There is plenty of anecdotal evidence to suggest that e-cigarettes, which now seem as cool as if they were elegantly held by Audrey Hepburn, are a great tool for smokers to kick the nicotine habit.
Those who use e-cigarettes have the ability to draw down their dependence on nicotine without breathing in chemicals or smelling like the set of the television series Mad Men.
Essentially, the only evidence the battery-operated device is anything like a traditional cigarette is the small puff of vapour that smokers inhale.
Sounds pretty good — smokers can still get their oral fixation by holding the device like a regular cigarette while getting a small hit of nicotine without the harmful add-ons.
Still, there is worry that the e-cigarettes will catch on with kids. In the U.S., for example, the Food and Drug Administration is being urged to regulate the devices in the same way it regulates tobacco products. A letter signed by 40 attorneys general say e-cigarettes are being marketed to children through cartoon-like advertising and by offering candy flavours. The point that gets missed, says the letter, is that nicotine is highly addictive and e-cigarettes can deliver high doses of the potent drug.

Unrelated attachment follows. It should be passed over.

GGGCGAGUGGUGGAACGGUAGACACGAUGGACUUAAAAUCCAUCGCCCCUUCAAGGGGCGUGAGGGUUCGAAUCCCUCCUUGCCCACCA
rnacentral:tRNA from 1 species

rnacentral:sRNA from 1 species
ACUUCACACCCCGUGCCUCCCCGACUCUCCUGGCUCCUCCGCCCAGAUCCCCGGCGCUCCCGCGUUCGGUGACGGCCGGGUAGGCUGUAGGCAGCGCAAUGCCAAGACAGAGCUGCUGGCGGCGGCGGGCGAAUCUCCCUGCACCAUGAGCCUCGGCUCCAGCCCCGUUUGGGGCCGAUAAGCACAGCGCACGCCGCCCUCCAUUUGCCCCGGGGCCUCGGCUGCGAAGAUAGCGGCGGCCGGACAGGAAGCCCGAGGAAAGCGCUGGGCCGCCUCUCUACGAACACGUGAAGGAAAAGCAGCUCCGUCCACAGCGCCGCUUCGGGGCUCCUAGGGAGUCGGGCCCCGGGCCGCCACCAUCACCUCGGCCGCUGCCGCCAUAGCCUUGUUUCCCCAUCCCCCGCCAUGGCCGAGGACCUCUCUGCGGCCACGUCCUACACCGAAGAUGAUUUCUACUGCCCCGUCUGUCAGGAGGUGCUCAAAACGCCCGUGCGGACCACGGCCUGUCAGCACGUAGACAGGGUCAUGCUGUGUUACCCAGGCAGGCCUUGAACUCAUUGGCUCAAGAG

In Canada, the worry is very similar after an editorial in the Canadian Medical Association Journal raised concerns about hooking a new generation onto nicotine.
While it is illegal to sell e-cigarettes with nicotine in Canada, vials of nicotine can be purchased from the U.S. over the Internet — just like buying a book from Amazon.com.
Sure, Canadian border officials will seize shipments of the vials, but that’s only if they spot them.
What especially worries the journal is that e-cigs have become cool among youth, which, much like in the early days advertising decades ago, youth will more easily be sucked into nicotine addiction.
E-cigarettes must face the same regulations as a pack of du Maurier by ensuring flavoured nicotine is barred from Canada and their use is as inconvenient as if it were the real thing.
After all, it would be a shame if years of work to turn off youth from the nasty habit are thwarted by a device that, ironically, is used by many to quit smoking.
We Say editorials represent the viewpoint of The Daily News and are written by publisher Tim Shoults, city editor Tracy Gilchrist, or associate news editors Dan Spark and Mark Rogers.